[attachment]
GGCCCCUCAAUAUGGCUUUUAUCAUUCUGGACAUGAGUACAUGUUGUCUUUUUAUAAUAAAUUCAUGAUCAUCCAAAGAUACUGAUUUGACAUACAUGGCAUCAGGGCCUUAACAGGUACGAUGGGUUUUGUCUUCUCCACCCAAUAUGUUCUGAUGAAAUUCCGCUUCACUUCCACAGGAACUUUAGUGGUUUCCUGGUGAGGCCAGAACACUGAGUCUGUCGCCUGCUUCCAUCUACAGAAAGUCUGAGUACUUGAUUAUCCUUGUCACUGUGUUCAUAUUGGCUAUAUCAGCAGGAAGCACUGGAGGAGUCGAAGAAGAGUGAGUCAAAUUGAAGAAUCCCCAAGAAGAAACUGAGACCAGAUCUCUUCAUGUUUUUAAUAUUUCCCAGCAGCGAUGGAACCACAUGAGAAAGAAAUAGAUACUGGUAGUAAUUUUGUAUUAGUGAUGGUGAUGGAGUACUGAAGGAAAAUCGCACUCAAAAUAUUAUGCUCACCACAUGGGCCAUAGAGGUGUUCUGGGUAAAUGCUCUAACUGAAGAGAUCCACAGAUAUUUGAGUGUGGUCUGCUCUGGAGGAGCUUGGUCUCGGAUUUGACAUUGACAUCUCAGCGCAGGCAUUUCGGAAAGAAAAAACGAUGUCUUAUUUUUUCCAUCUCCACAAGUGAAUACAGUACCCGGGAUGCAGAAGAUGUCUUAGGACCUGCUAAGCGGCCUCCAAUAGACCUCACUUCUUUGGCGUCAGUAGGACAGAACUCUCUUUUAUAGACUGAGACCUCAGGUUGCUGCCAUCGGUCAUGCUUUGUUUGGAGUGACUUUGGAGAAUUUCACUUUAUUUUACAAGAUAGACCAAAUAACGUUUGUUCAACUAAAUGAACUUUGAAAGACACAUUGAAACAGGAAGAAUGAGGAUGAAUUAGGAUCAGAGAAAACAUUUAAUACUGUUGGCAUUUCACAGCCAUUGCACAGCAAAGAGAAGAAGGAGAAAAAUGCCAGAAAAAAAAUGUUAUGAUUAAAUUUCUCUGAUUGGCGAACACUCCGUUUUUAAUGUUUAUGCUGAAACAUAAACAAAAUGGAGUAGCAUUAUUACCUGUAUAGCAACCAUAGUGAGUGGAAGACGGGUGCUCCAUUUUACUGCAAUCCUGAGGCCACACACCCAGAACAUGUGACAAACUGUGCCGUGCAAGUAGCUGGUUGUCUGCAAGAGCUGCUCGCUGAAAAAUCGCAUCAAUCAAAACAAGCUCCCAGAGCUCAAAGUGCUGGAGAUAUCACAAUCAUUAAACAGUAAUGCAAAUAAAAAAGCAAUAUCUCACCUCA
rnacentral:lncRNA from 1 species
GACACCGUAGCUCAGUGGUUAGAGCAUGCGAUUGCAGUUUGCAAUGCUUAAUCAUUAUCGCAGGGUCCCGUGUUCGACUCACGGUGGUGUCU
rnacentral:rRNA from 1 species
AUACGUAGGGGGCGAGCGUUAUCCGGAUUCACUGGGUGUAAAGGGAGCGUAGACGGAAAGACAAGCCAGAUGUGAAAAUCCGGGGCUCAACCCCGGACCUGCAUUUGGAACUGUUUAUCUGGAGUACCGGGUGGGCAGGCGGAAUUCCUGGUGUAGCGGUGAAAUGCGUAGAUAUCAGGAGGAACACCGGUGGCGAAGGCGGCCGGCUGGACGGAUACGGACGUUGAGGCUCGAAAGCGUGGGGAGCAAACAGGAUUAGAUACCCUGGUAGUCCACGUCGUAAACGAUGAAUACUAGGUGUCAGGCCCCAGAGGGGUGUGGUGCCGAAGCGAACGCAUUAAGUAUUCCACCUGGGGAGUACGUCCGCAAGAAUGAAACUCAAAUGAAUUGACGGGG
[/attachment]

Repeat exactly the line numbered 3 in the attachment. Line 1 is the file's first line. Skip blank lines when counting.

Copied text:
GACACCGUAGCUCAGUGGUUAGAGCAUGCGAUUGCAGUUUGCAAUGCUUAAUCAUUAUCGCAGGGUCCCGUGUUCGACUCACGGUGGUGUCU